• Campbell's early career was in French publishing and he rose to become a board member at publishing group Hachette. 'I've been a corporate boardroom honcho,' he says.²
  • While in France he developed an attachment to Pleiade – the French series of classics, cloth bound with beautiful typeface. ²
  • He conceived the idea of a similar venture [like the Pleiade series of classics] in English and decided the Everyman's Library – by then a tired and unfashionable name – was the perfect vehicle. An initial attempt to buy the company was rejected.²
  • The name [Everyman’s Library] had been in the doldrums for decades. Founded in 1906 by Joseph Dent, it had been revolutionary in its day for providing pocket-sized editions of the classics at a shilling. The books were exquisitely produced - Dent was committed to high design ideals, employing the talents of Aubrey Beardsley, among others.¹ 
  • [But] After the paperback revolution of the mid-20th century, the imprint [the original/old Everyman’s Library] lost its way. The Everyman hardbacks of the post-war years lacked the aesthetic appeal of their predecessors; the introduction of the paperback in 1960 was far too late to compete with its rivals.¹
  • The next chance [of saving the imprint] came years later when Everyman was bought by one of publishing's biggest names, George Weidenfeld. 'I thought that was the death of my dream, and that George would do something amazing with it.’ said Campbell.²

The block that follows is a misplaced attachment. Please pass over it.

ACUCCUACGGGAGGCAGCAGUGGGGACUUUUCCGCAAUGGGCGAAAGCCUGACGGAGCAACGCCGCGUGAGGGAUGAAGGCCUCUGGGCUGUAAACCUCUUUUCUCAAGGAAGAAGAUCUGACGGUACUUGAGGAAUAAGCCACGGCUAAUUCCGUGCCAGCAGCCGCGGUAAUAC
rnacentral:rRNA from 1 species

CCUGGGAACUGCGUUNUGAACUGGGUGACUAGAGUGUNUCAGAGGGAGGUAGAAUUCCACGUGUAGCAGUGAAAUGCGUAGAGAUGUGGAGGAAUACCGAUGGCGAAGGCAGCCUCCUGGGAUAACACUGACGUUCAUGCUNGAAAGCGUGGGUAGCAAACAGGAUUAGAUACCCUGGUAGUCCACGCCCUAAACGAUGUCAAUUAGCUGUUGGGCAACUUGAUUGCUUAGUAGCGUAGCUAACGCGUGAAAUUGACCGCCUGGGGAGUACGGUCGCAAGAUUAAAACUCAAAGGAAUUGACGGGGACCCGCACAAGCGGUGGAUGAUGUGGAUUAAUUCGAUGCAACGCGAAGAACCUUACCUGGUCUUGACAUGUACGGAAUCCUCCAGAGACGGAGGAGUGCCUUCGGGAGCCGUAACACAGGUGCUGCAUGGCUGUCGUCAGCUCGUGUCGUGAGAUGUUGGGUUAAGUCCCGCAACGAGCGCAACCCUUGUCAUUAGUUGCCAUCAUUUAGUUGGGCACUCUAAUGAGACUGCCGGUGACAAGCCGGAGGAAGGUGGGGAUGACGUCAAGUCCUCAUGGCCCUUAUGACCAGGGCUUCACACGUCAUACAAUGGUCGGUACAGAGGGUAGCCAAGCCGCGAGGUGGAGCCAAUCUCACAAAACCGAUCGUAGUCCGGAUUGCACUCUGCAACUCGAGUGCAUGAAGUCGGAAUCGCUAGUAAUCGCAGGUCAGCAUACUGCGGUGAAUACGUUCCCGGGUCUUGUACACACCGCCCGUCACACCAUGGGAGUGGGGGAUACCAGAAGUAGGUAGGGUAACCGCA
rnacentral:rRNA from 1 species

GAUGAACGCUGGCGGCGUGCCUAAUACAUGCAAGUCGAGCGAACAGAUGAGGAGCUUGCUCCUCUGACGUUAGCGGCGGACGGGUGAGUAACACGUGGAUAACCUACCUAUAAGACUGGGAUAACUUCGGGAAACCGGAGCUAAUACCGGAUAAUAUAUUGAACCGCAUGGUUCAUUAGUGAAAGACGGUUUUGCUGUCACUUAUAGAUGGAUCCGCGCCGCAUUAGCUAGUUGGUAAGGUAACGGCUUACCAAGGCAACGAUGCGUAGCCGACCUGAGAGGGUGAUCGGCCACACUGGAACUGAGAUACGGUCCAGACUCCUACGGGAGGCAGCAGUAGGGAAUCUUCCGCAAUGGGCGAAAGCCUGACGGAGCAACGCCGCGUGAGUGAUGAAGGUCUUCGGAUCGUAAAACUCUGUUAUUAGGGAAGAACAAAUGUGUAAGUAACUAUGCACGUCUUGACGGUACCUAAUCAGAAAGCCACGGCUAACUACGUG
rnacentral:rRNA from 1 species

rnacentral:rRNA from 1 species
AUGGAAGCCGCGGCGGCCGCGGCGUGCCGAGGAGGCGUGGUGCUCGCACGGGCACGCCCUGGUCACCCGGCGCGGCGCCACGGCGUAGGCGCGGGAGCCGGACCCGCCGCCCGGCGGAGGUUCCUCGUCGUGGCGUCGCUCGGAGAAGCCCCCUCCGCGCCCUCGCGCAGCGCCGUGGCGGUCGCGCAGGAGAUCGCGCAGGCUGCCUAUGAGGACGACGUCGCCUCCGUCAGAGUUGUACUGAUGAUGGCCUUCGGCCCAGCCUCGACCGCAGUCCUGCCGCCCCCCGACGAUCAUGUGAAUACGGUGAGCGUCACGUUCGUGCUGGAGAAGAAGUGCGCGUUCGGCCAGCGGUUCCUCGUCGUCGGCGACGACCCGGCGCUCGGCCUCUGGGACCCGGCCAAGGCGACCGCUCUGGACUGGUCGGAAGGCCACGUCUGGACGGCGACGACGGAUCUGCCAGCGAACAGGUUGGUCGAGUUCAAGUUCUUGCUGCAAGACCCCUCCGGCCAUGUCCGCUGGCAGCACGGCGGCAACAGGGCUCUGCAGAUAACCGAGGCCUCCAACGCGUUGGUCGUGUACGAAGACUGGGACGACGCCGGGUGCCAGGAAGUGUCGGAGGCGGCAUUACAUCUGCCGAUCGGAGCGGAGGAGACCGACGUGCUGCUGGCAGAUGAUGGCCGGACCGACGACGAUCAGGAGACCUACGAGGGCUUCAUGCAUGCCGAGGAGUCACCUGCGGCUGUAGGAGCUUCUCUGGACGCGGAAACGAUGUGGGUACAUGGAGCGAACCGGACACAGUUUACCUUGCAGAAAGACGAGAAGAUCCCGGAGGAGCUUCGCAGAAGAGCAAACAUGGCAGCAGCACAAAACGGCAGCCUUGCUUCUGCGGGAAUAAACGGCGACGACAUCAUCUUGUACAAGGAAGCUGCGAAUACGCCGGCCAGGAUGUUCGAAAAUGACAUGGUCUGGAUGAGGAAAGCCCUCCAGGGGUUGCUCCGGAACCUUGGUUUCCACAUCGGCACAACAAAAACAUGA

• Then I heard on the grapevine that George had a bit of a cashflow hiccup. We had coffee and he said to me, 'When can you let me have the money?' Of course, at that moment I did not have any money. I had to borrow well over £1 million.'²


  • Twenty years ago [now 28 years ago] David Campbell relaunched Everyman’s Library with the aim of producing beautiful books in hardback that would withstand the ravages of time. The original Library [as we know by now] was the brainchild of Joseph Dent (1849-1926), a self-taught London bookbinder who, in 1906, adopted the motto, ‘Everyman, I will go with thee, and be thy guide, in thy most need to go by thy side.’  Then as now it is quoted in all the books in the Everyman’s Library.³
  • Recalling “when he bought and relaunched the ailing Everyman business in 1990,” Campbell states: 'I rented three floors of a little Georgian house above a sex shop in a side street in Soho. It did not occur to me to ask if there was electricity in every room and there wasn't, so we were sending out notes by a guttering candle,' he says.² 
  • The business was eventually bought by Random House and, after a series of wider takeovers in publishing, is now part of the vast German publishing empire of Bertelsmann.²
  • But Campbell is still in charge of his corner of the empire, pursuing his belief in quality hardback books, with stitched binding and paper that lasts.²